Wellington, July 12 — The New Zealand government Friday laid out it goals for boosting investment and trade with the 10-nation ASEAN (Association of South East Asian Nations) bloc.
Prime Minister John Key launched the “NZ Inc ASEAN Strategy”, saying the ASEAN countries presented opportunities to grow trade and political relationships “in our neighbourhood”, reported Xinhua.
“Already ASEAN as a bloc is New Zealand’s fourth largest trading partner and over the past 10 years New Zealand’s total trade with ASEAN has grown at 9 percent per year on average,” Key said in a statement.
“This NZ Inc ASEAN Strategy sets out ambitious goals for New Zealand over the next five years, including growing annual visitor expenditure from the region by two-thirds, from 289 million NZ dollars ($227.22 million) to 470 million NZ dollars, and boosting New Zealand’s exports to the region by 40 percent by the end of 2017.”
It also underlined the importance of building on New Zealand’s strong political and security relationships across ASEAN, including an increased diplomatic presence in the region and more work together on disaster relief.
“New Zealand needs to be making the most of a young, increasingly urban, affluent and quality conscious region only half the distance from our traditional European customers,” said Key.
“We are in a sound position to boost our relationship with the region. We have a free trade agreement in place, a strong shared history, and are geographically close.”
The 620 million people of the ASEAN region accounted for almost 10 percent of the world’s population, he said.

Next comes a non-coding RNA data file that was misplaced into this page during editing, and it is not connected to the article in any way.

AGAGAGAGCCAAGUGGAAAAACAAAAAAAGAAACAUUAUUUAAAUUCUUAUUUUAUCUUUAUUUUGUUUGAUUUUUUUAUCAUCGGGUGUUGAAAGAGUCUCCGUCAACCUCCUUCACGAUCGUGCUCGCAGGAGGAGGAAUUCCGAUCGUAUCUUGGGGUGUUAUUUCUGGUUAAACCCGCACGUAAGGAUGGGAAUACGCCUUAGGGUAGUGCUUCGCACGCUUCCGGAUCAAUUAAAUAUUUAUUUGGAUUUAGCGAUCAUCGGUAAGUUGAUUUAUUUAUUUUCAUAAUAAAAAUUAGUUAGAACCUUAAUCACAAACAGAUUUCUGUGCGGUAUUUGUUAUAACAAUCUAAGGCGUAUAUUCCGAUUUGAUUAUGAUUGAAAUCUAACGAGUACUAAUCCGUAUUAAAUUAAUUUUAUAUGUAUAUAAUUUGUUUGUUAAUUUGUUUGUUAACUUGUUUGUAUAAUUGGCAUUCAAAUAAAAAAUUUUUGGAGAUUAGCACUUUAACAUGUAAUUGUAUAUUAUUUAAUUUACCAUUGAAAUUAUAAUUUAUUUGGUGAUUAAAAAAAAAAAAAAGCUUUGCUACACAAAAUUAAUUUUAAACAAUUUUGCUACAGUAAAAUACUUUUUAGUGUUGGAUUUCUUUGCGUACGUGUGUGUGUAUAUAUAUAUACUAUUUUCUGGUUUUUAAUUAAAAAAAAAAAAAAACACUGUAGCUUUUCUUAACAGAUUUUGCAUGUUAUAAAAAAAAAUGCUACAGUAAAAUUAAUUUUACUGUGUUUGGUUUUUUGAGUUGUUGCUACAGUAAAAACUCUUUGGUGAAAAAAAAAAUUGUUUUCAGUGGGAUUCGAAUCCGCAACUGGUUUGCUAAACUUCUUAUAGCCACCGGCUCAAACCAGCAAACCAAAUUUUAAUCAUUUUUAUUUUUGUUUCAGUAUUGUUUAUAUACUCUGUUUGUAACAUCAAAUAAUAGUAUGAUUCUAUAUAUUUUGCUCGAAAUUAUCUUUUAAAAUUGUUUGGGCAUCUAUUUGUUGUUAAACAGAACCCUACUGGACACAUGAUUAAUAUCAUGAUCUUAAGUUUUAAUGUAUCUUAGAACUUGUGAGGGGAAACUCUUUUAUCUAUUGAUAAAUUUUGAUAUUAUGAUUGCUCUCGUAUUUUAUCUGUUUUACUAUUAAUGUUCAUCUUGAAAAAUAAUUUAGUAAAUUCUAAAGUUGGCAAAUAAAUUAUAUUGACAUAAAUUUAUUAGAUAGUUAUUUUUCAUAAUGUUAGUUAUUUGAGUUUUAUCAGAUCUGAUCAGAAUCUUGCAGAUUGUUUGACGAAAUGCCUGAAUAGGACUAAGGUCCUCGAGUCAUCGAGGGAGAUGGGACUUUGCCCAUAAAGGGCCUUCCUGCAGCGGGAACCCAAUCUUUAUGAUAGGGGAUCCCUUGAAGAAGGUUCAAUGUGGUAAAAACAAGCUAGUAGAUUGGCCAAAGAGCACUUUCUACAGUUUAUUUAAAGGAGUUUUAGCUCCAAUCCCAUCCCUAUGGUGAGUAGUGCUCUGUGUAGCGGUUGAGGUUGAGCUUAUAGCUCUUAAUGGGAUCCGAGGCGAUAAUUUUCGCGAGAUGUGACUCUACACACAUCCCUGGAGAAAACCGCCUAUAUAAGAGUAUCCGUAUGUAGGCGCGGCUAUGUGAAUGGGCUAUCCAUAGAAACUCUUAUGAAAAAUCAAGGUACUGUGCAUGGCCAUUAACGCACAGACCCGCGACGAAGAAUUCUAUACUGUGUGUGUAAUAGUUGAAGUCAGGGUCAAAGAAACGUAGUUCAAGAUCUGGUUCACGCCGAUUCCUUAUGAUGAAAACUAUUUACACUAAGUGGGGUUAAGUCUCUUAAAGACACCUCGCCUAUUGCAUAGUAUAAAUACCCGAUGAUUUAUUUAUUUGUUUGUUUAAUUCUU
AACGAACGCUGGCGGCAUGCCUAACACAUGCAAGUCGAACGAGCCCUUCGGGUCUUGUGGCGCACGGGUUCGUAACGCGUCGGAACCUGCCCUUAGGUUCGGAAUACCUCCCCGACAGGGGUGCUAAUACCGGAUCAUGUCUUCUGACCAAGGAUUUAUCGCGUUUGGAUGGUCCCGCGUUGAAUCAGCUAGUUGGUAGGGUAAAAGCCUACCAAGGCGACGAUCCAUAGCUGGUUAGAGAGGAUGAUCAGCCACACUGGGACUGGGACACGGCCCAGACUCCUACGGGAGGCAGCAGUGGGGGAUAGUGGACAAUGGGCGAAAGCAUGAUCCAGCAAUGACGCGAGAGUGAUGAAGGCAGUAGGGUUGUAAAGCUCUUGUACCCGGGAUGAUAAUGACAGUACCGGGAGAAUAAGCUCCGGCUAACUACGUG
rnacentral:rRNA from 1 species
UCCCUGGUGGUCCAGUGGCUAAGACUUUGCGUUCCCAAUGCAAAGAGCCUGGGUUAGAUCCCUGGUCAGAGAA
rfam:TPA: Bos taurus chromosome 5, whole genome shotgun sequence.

The three broad goals of the strategy included:
— becoming “better connected and more influential” through strong government leadership in activities such as trade delegations, and an increased diplomatic presence in ASEAN countries;
— becoming “better integrated” through improved air links, scholarships, exchanges and secondments, and aid partnerships;
— and boosting trade and investment by pressing for trade liberalization and the removal of market barriers.
Asia New Zealand Foundation director of research Andrew Butcher welcomed the strategy, saying ASEAN was vital to New Zealand’s economic stability.
“ASEAN and its associated organizations, including the East Asia Summit, give New Zealand entry into important discussions about the region’s growth and security,” Butcher said in a statement.
Surveys by the foundation showed New Zealanders’ awareness of ASEAN countries was low, but New Zealand had been highly successful in engaging with Southeast Asia, he said.